I pulled the cell phone out of her pocket and dialed 911. In a hoarse voice I gave the address, and begged them to be quick about it.
Helpless, I could only stand there and watch her until the ambulance arrived. Then, under the cover of my dear shadows, I retreated guiltily into the welcoming embrace of my lightless room.
This had never happened before. It had always just been a game.
The Chronicler's Ordeal
They say that the life of the chronicler is more esteemed than that of a Turaga, more desired than anything else a Matoran can do.
They’re wrong. Dead wrong. Being a chronicler is like being a trophy, with no real purpose. You’re a burden and a nuisance for the mighty heroes you follow.
Even worse is what you see. Sure, a chronicler from Metru Nui or some nice and lawful place has it easy. Maybe some vicious Rahi, maybe a criminal or two, but nothing as ghastly as the scene we walked through. Ahead my team leader stood, looking about with a grim expression. The village we traveled to was deserted; bereft of the living that is.
I winced as I trod upon a limp hand, picking my way through the corpses.
“Who did this, Toa?” My voice annoys me to no end: shaky after the sudden scare. The Toa of Stone glances down at me.
“Piraka, chronicler. That’s who did this. Skakdi, Vortixx, who knows. They’re Piraka to the core.” His voice was harsh, and he turned away before I could answer. I was stung by his tone before—glancing at his shaking shoulders—I realized that he too was overcome by the tragedy we stood in the midst of.
I turned away instead, hunting out the team healer, a young Lightning Toa. Unlike the rest of us she was at work, lining the still bodies next to each other rather than in the grotesque sprawling they had assumed before. I looked at her, not at the dead Matoran below me.
“What are we going to do?” The real questions never come when they’re needed. Most chroniclers must get sick of reality sometimes when they depict the flowery speeches that go one between the Toa. She looked up at me, her soft blue eyes pained.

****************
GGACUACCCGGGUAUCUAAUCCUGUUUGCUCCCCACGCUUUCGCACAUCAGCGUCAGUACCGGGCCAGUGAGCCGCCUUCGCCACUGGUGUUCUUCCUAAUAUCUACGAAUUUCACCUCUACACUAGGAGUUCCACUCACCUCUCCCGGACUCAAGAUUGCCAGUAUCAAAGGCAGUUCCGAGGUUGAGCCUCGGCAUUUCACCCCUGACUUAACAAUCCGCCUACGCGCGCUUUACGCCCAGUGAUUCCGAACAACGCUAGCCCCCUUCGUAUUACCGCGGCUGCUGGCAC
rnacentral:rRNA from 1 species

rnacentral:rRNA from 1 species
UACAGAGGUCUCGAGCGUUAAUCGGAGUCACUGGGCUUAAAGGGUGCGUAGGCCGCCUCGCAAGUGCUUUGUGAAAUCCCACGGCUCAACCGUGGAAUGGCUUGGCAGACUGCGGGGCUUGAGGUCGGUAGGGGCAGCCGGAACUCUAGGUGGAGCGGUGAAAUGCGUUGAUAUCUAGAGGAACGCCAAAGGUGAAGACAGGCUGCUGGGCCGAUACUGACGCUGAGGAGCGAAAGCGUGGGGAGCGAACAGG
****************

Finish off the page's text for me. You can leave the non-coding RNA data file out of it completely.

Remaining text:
“What we’ve always done these past years, Chronicler. We leave the dead and we move on.”
I nodded, unable to look into those deep orbs, stumbling away.
I sat down in a deserted building, at an old desk. My tablet was in my hand, but I couldn’t write. A dead Ko-Matoran lay next to the desk, his hands grasping futilely at a bundle of scrolls. No doubt those were more important to him than his own life. I left my tablet on the desk then, bending over him. As I moved him into a more dignified posture I felt the tears coming. I gave in, crouching against a wall and sobbing.
These moments were not what they promised you when they handed you the scrolls and the tablets, when they welcomed you with speeches and cheers.
These were moments that even Toa could not face. There was no overarching evil to face, no mastermind to bring to justice. It was only another band of scum, of no worth to the world, no worth save for that which they deprived the innocent of.
I don’t know how long I crouched there in my grief, but at last I staggered back to the desk.
It was then that I began writing this with a vigor I had never known.
Life is Karzahni when you really look into it. Recording it just adds another stage to it. Because you see these horrors, and then you relive them by writing them. And you make others live it, even if they can only glimpse it in your text.
But for me, right now, it’s the best I can do. I’m not a Toa, I have no powers or weapons or fancy masks. All I have is this tablet, all I can do is write this.
I’m a Chronicler. This is my ordeal.
The bartender drew the glass from the faucet and slid the mug across the hardwood top to Kay. “Here y’go, miss. Enjoy it.”
She took the glass wearily, took a sip, looked up, turned, spat, looked back, turned again, looked back again, looked down at the drink, looked up again. She cleared her throat nervously and leaned forward. “Um, excuse me.”